There is no denying that computing power has been increasing at an insane pace and that the gap between great innovations has been reduced time and time again, but computing power is not the only ingredient to enhanced customer experience.

Call me cynical, but after years of exploring the latest innovation in customer experience (tech-enabled or otherwise), my personal prognostic is that we won’t see a massive leap in customer experience in 2018 – beyond extremely niche offerings or PR stunts.

Over the past few years, we’ve been promised a completely changed playing field through augmented reality (AR), virtual reality (VR, chatbots/artificial intelligence (AI) and smartwatches. Very few situations have been able to become more than simple gimmicks; good for PR or for die-hard fans.

Maybe 2018 is the year it happens, but I doubt it.

On the contrary, I believe that the excitement this year should be around a more leveled playing field. It’s about those businesses who are newer to the CX-mindset. They are the businesses that have been getting their house in order, dealing with legacy systems and inside-out strategies to truly focus on their most important stakeholder: the customer.

I believe 2018 will be the year where more and more businesses become mature enough to demonstrate their own take on customer experience and how they use technology to enable their unique proposition to shine through and scale.

We won’t see a massive leap in customer experience in 2018 – beyond extremely niche offerings or PR stunts.

I’m genuinely excited to see how two, three or four businesses will be competing with each other using strong customer experience as a major vector.

Gartner predicted it a few years ago, and all points towards it are finally materialising itself: 2018 will be the year of diversity. So open your eyes and witness how the same technology and capabilities can offer vastly different solutions to customers based on an organisations’ DNA.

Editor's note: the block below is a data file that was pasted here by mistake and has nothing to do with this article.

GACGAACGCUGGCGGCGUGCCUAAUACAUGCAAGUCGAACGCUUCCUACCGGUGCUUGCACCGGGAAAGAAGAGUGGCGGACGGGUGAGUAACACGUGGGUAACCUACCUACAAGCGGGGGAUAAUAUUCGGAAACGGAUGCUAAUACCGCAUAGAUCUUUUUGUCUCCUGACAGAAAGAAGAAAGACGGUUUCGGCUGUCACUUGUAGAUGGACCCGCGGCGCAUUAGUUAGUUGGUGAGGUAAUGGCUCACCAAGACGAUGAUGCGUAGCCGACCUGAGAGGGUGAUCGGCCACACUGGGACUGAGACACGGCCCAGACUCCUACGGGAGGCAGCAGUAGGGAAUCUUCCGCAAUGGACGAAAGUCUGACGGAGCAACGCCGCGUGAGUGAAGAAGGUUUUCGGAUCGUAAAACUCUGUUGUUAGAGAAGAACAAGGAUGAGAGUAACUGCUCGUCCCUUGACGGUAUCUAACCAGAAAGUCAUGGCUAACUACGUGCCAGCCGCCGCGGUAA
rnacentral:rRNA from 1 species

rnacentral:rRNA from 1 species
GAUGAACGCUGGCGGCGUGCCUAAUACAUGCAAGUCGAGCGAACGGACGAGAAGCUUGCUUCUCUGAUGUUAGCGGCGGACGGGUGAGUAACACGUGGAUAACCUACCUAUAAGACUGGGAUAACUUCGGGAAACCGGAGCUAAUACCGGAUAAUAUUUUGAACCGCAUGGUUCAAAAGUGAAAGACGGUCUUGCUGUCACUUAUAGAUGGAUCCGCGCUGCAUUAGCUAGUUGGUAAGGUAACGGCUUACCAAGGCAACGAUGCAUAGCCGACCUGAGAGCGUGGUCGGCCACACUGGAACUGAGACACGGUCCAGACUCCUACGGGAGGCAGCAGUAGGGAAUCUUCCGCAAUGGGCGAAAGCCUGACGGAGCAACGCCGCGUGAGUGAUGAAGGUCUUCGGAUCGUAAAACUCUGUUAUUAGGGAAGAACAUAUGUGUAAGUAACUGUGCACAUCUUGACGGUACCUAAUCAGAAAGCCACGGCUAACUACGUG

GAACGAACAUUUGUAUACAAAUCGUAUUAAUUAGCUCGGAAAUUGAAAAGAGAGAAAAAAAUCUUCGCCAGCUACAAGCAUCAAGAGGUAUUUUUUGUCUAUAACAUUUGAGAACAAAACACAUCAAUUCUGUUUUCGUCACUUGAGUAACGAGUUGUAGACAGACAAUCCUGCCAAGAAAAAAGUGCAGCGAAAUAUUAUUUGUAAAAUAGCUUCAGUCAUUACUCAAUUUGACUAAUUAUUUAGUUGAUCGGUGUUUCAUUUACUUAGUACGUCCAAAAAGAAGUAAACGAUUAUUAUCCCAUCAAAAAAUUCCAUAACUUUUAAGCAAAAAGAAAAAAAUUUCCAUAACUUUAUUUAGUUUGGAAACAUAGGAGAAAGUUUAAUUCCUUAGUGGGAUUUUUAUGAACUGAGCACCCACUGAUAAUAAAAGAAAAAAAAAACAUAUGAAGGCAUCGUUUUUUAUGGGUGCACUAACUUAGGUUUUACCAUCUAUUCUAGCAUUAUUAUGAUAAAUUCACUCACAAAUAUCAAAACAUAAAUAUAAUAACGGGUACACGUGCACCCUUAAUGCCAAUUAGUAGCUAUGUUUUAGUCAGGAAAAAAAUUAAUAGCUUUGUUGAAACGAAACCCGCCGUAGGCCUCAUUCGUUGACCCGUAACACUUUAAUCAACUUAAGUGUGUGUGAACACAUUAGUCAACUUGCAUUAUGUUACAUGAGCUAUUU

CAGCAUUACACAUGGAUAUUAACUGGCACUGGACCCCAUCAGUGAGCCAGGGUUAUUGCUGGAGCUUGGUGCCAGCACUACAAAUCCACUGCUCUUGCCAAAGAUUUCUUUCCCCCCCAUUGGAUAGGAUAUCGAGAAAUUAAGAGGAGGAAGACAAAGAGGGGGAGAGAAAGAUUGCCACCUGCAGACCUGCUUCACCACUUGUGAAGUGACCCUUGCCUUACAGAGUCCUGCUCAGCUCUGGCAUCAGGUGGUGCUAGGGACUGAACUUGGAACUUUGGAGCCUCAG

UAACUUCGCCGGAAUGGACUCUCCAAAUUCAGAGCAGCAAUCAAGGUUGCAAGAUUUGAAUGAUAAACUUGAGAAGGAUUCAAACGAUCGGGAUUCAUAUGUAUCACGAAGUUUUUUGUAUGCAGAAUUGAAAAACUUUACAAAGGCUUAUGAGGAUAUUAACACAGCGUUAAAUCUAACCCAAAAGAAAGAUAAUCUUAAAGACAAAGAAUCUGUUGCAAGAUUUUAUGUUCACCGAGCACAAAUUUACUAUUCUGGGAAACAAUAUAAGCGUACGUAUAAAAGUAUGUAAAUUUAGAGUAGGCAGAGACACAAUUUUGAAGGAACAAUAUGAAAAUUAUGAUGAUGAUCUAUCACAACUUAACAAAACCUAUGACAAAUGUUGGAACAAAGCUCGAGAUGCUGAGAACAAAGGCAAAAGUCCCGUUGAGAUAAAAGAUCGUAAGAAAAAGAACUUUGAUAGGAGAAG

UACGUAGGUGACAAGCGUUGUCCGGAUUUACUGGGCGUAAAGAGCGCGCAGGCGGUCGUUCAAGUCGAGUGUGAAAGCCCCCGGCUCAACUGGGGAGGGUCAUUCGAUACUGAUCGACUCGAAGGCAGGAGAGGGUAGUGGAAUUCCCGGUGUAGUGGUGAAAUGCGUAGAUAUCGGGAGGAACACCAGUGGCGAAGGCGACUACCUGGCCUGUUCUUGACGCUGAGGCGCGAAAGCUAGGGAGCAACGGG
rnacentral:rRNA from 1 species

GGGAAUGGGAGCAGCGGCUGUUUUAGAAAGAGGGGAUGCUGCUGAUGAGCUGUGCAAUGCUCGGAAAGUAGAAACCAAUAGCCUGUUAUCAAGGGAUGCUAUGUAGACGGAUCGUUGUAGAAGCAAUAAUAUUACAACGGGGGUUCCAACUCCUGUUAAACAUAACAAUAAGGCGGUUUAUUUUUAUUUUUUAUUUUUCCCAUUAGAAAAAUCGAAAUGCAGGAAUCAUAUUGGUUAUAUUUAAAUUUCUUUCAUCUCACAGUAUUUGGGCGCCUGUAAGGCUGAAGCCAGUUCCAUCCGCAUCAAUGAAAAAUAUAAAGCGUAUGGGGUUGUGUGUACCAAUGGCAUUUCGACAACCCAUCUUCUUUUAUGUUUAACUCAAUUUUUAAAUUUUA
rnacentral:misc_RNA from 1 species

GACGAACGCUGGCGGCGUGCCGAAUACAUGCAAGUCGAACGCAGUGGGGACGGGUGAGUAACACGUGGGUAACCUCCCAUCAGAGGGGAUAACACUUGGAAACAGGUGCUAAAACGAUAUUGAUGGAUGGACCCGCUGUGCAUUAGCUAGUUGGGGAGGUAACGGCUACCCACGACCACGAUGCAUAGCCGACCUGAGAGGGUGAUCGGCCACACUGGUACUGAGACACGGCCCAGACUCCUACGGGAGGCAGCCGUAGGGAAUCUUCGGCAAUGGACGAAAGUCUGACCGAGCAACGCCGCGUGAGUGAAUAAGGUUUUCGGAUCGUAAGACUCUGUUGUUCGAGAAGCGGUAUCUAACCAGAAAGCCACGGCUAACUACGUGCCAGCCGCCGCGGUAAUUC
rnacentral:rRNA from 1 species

This is just the biggest trend I see happening.

However, I’ll still be looking out for (and reporting back on) the cutting-edge examples. Fear not, Customer Experience Next Practice is definitively part of the agenda for 2018.

This prediction is an excerpt from CX Network’s Customer Experience Predictions for 2018 report. 


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Do AI and text analytics bring the death of surveys?

This article was originally published on the CX Network – a leading platform for CX and Marketing senior leaders.

It’s a new world of customer feedback measurement, but is it out with the old and in with the new, or can traditional and futuristic tech work alongside each other to paint a complete picture?

customer feedback

Let’s face it, surveys have lost a lot of their popularities over the years. Decreasing response rates and an ever shorter attention span from customers have announced the age of ‘survey fatigue’. And some doom and gloomers even argue they are a thing of the past. Are they though?

NPS (net promotor score) was launched in 2003 and with it came a push for a growing focus on open-ended questions, generating an ever-greater body of unstructured data through the follow-up question of ’Why?’, or ‘How can we improve?’

A new generation of tech analytics
Text analytics are the effort of structuring the data which is captured unstructured, while keeping the depth of insight.

It attempts to bring the quantitative element back into the picture by associating key words to a category called ‘theme’. It applies rules on the words present in the text string and those surrounding it. Themes are the standardised, quantified approach to this data.

Although the original solutions focused on a data set that was formatted to be digested by the engine, a new generation of advanced text analytics tool suites can now digest the information available on social media. This enables businesses to analyse both solicited and unsolicited feedback, which they would otherwise never hear from.

According to Groovv, 96 per cent of unhappy customers will not complain to you but will tell their friends and followers – and now you can access that information too.

AI takes customer feedback to new heights

As artificial intelligence (AI) is dubbed the biggest revolution of 2018, one would be quick to ask whether AI is making this any more accurate or easy.